A template is an exact, full size pattern of the granite pieces that you want cut for your kitchen or bath counters. The plastic template is cut to fit the kitchen in pieces that will correspond to the granite counter pieces.  All cutouts are located and shown full size.  The template is then labeled, clearly showing seams, cutouts, edges, backsplashes, etc. The template must be correct since the granite will be cut directly from your template.

A kitchen ready for templating is shown to the right. The sinks and faucets are on site along with the templates and cooktop.

Ready for templating


Templates are best made of plastic polypyrene, which you can obtain from a plastic supply house in 4’ x 8’ sheets. These sheets cost about $8 to $12 each. Note that you can only cut an 8' piece from one sheet if your countertops are 25" (cutting 25" from 48" leaves only 23" for the remainder)  Be sure to buy enough sheets to have sufficient material on hand.  It comes in two thickness': 0.020 costs less and is easier to work with; 0.030 is stiffer. If unable to buy locally, try Manchester Plastic Supply at (800) 752-7759. They will ship and accept credit cards.


You will need the following tools:
  • A metal 4’ straight edge (a 2’ could work, but will be more difficult)
  • A metal 24" carpenters square
  • A utility knife with sharp blades
  • A utility scissors (those kind that can cut pennies are good)
  • A permanent marker
  • A measuring tape
  • Duct Tape
  • Some ¼" plywood or paneling
Tools needed


All the kitchen cabinets need to be installed. You will need to have on hand at the site any items that will be cut into the counter ­ sinks faucets, sprayers, cooktops, etc.

If this is a retrofit or remodel, you would do best to take out the sink and faucet. Alternatively, you can work around the sink by cutting a hole in the plastic to fit over these obstacles and replace the cutout after fitting.

Bridge holes and gaps with plywood or paneling, such as over the dishwasher opening and sink opening so that you can lay your plastic templates over the top without drooping or sagging.

Needed hardware


1. Cut the mylar into counter depth pieces.
For most standard 24" counter with a 1" overhang, this will mean cutting 25" strips. (Too bad they don't make the mylar in 50" widths instead of 48", because the 25" width leaves a lot of waste with the 23" leftover strip). Some pieces may be thicker or thinner.

2. Assemble pieces on the cabinets.
Use thin (1/4" plywood or paneling to bridge gaps over dishwasher and sink openings. The picture on the right shows how sheets are overlaid to use one cut for the pattern of the other cut on a seam.

Plastic layed out

3. Cut each piece to length.
You can leave some gaps in the rear (1/8") to fit the pieces, especially if you are using backsplashes to cover the gap.

4. Locate cut outs:
Sinks & Faucets Locate the centerline of each sink by noting the cabinet centerline below the template. Mark the center line. Place the sink template on the granite template and trace around. Note whether the sink is an undermount or top mount. Try to maintain at least 3 ½" of granite on the front, sides, rear and between dual sinks to prevent cracking the granite during shipping and installation. Locate flange with dotted line. Label completely.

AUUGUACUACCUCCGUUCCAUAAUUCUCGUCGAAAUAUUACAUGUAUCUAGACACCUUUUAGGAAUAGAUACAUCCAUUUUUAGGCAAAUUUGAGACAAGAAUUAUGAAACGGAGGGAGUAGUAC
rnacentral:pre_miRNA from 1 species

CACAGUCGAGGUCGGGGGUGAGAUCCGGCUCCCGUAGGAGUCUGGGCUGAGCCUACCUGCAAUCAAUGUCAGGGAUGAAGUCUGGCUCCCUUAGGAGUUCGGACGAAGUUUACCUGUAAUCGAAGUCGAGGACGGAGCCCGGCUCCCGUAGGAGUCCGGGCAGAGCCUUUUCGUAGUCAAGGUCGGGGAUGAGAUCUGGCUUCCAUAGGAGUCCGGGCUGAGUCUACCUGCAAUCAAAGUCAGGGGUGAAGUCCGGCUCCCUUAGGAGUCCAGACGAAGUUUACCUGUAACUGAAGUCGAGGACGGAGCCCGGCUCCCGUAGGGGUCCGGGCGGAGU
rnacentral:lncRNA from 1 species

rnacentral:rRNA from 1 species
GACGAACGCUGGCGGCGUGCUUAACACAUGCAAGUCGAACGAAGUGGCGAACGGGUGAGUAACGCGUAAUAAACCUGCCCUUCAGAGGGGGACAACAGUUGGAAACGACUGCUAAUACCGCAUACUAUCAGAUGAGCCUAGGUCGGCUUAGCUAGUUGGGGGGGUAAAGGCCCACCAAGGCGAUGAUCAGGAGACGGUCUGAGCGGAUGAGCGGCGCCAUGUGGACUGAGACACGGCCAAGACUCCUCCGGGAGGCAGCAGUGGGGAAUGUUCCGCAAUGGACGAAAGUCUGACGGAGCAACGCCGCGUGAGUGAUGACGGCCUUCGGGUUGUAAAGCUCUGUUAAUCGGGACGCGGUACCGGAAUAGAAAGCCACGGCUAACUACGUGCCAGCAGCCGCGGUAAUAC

Cooktops ­ cooktops generally don't leave enough material for a cutout. You need a minimum of 3 ½" top and bottom. If it is less, then you need to do this with pieces.

Plastic layed out

5. Label:
Number each template sequentially and circle number.  Label each seam with letters on both sides of seam and put cross hatches (label joined). "Seam A / Seam A"

6. Mail to:

Great Granite    c/o    Dominion Granite
      U.S.A.                             Canada

P.O. Box 305                18 Campbell St.  
Beebe Plain, Vt.           Stanstead, QC.
05823                            J0B 3E5

Plastic layed out

Some additional information about

Sinks: come in top mount or undermount designs. In either case,
Cutouts: need to have 3 ½" of minimum thickness of granite to be structurally sound. Check this thickness when selecting an undermount sink. If your countertop is 25" wide, then you can have a maximum sink cutout size of 18" front to back.

Faucets: allow sufficient room for faucets and check the size of the bases. If you order backsplashes, these are usually supplied in 1 ¼" material. If you have an 18" sink which leaves 3 ½" granite, subtract the backsplash width of 1 ¼" and you have only 2 ¼" left for your faucet. Most faucets, sprayers, soap dispensers, hot water dispensers use a 1 3/8" hole – but check the instructions and physically measure the fixture for width and check that the base will cover the hole.

Backsplashes are highly recommended since they can cover irregularities and the granite doesn't need to fit tight to the wall. They are provided in matching granite if you request them. They are normally 4" high, but can be cut to any height. If you do not specify, they will be provided at 4".

Seams: are necessary with natural granite.  The visibility of your seams will depend on the granite color, pattern and location of the seam.  A darker color with a uniform grain will not be very visible, while a lighter color with dramatic grain pattern will be more apparent.

Size: Most colors are available in slabs of 4’ x 8’ (some are larger, up to 5’ x 10’, but call to make sure). You cannot have a piece larger than these.  Also, a larger becomes quite heavy to move and install.

Price: Granite is sold by the rectangular dimension. If you want a beveled seam at a corner you will be buying 4 extra square feet for a bevel, since each bevel results in some waste.

©1998 Great Granite Counters. All rights reserved.